Maryland death metal giants Misery Index’s new album Rituals of Power was released earlier this month (8th) via Season of Mist (order here). While we’ve already expressed how much we enjoyed this record, we were lucky to have bassist/vocalist Jason Netherton take some time out of his touring schedule to speak to us. Jason discussed how happy he is with the new record, how death metal has evolved over the years, and more. Read the discussion below:

When did you guys start working on Rituals of Power?

It was a year and a half ago, maybe, late 2017 when we started demoing stuff. The first time we demoed, we cleared out about a year ago I think the song was “I Disavow.” And that ended up on the album. Most of the material was written in late 2017, early 2018.

How has the writing process change since 2003’s Retaliate?

Quite a bit. Back at that time, even up to our second and third album, we were still meeting up at a rehearsal space living in the same area and practicing together quite often. And even writing, more spontaneously. But now, years later, we all live separately, in different states. We write individually and send a file through the internet. Then we put together songs on the computer. Things like that. It’s a reflection of using modern tools to make the band work. We don’t live in the same area.

Has it helped you creatively?

It takes a lot more perspective with songwriting. It’s a little more drawn out, but songs get a little more refined, a little more ready. We can hear what’s closer to the final product a little better. We can demo them out fully. And easily, using recording software. I think it works better for us.

It’s good on how you’ve adapted to modern technology, which works for you guys due to the distance. What are some of the lyrical themes?

A lot of it has to do with criticism on our everyday life. A lot of the things that are happening and the dark side of technology and our communication tool. It’s what in itself of this so called big news era. It’s a wake up call for civilization to take a look at where we’re headed with how we communicate with each other. And what this means for bigger things like democracy and it’s a thread which runs through all the songs on the record. Of course, different angles.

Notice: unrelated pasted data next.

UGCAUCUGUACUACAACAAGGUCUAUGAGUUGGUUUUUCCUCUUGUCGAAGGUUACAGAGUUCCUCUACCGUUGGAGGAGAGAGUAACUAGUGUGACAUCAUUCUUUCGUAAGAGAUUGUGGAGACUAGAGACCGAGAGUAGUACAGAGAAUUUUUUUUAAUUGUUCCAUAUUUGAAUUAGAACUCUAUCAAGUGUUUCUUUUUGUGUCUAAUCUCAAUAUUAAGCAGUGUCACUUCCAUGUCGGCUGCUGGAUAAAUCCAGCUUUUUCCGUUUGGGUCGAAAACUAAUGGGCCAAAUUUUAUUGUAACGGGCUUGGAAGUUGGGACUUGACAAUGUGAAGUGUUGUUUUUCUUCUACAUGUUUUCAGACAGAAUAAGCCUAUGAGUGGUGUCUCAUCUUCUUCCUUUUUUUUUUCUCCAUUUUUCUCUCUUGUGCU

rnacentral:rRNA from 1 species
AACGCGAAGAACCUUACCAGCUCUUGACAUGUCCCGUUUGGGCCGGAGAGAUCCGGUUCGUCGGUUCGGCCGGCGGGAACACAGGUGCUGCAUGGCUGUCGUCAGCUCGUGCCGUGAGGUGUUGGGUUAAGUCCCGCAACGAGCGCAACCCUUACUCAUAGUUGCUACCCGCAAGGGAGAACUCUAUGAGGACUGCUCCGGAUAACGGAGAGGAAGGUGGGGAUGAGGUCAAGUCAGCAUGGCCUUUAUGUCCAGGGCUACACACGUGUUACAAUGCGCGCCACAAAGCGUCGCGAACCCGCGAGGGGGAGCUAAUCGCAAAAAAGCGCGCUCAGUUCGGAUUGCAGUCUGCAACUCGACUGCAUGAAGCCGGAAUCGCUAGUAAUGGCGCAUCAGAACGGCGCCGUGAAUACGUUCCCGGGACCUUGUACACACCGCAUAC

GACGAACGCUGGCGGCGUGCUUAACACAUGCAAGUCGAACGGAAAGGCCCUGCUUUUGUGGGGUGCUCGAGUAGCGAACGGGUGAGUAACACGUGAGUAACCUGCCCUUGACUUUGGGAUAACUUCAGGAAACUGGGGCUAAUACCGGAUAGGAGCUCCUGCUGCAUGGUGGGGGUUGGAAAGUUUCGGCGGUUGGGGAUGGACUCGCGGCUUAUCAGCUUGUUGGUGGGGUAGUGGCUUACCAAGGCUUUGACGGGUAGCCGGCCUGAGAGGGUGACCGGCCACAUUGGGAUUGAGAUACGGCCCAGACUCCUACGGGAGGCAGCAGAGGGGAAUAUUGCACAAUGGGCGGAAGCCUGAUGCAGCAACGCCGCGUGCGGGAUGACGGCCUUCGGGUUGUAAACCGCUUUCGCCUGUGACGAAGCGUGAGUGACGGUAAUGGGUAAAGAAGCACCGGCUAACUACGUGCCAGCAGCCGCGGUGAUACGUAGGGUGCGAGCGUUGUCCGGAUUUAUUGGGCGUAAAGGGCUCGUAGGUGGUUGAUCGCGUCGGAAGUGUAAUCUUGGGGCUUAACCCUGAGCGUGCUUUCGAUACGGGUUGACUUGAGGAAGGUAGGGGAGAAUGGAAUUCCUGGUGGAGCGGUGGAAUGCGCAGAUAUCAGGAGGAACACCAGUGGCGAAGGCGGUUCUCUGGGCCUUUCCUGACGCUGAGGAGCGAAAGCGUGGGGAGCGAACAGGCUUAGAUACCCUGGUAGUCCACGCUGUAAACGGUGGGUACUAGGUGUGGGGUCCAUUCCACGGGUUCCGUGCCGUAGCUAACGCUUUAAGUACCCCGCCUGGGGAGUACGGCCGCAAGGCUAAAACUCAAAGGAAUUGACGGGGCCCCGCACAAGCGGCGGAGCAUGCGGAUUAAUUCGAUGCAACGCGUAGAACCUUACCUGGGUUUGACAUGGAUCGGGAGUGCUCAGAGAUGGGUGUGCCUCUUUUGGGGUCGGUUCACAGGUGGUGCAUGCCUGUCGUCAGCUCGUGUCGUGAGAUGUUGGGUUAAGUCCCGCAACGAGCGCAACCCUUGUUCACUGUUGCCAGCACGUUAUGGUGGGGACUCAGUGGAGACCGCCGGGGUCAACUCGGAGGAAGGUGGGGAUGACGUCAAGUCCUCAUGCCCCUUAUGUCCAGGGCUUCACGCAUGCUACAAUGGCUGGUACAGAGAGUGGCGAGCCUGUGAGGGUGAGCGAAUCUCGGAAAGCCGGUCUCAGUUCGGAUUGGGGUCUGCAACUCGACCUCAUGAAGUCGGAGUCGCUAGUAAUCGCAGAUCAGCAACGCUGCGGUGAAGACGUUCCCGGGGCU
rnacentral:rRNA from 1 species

It’s more or less on our everyday B.S. from media to what-have-you.

Overall, that’s kind of used to reinforced power, I guess power is the prevailing theme though, historically and today.

How would you compare this album, musically, to your prior efforts?

The last album, the work was a lot longer. It was almost 50 minutes. It was sweeping everything in there, a monolithic kind of lengthy work. And this one, definitely a lot more whittled down. It’s a very tight, precise eight-song record. Even though it’s a death metal record, it does lie a lot of conventional metal themes from old school metal and old school death metal to big courses, big hooks, and all of that stuff. The beat system was more refined, that’s probably what pulled from that, I think, it’s a little over thirty minutes, and makes a statement.

You mentioned some more old school death metal, now with that being said, how has death metal change over the years?

From its origins I guess, the combo origins in the late 80’s early 90’s. It fragmented quite a bit during the 1990s, and there’s several sub-genres, you know, atmospheric, melodic, black death, doom death, all of these different approaches to metal, which, and is found in death metal. And the other kind of noticeable transition was the shift to modern recording technologies in 2000. It’s led to a refinement, technical refinement of death metal. And there has been a backlash of that kind of representing this resurgence of old school death metal, which has been going quite strong now for about 10 years. But, if anything it’s just the much more fragmented dynamic. There’s something out there for every taste. So, it’s changed quite a bit.

And I see you guys are touring in Europe, what other plans do you guys have for this year?

Well, we went to Japan, played two shows there. We have our March European tour. Later we’re going to do a short U.S. jaunt in June, and then there’s another European festival planned in mid-July, but that’s what we have on the horizon right now.

And what music do you guys plan on bringing while on the road?

Well I don’t know, I guess everyone these days, everyone brings their phone, and they just plug in their headphones.

If this was more old school, and you had to create a playlist, what would be on it?

For myself, personally, I have a pretty mixed bag of stuff. I like stuff by Carpenter Brut. You know, old stuff like Cross, newer stuff like Deafheaven. My all time favorites like Killing Joke, Nick Cave and the Bad Seeds. Like, the death metal I like this new one from Of Feather and Bone. And the new Sulphur Aeon, Triptykon. It’s a mixed bag.

That is a mixed bag.

You have a couple of weird, you know for times when you are waiting for a flight, you wanna listen to one instead of the other. There’s always something there.

My last question for you then, is there anything else that you say or add about the album?

Give it a listen if you haven’t heard it yet. That’s what I gotta say. See if you like it. We’re very proud of it. And we’re happy with it – probably more happy with it than any other album to this point. So it’s something we’re very happy and confident there’s something on there, if you’re a metal fan.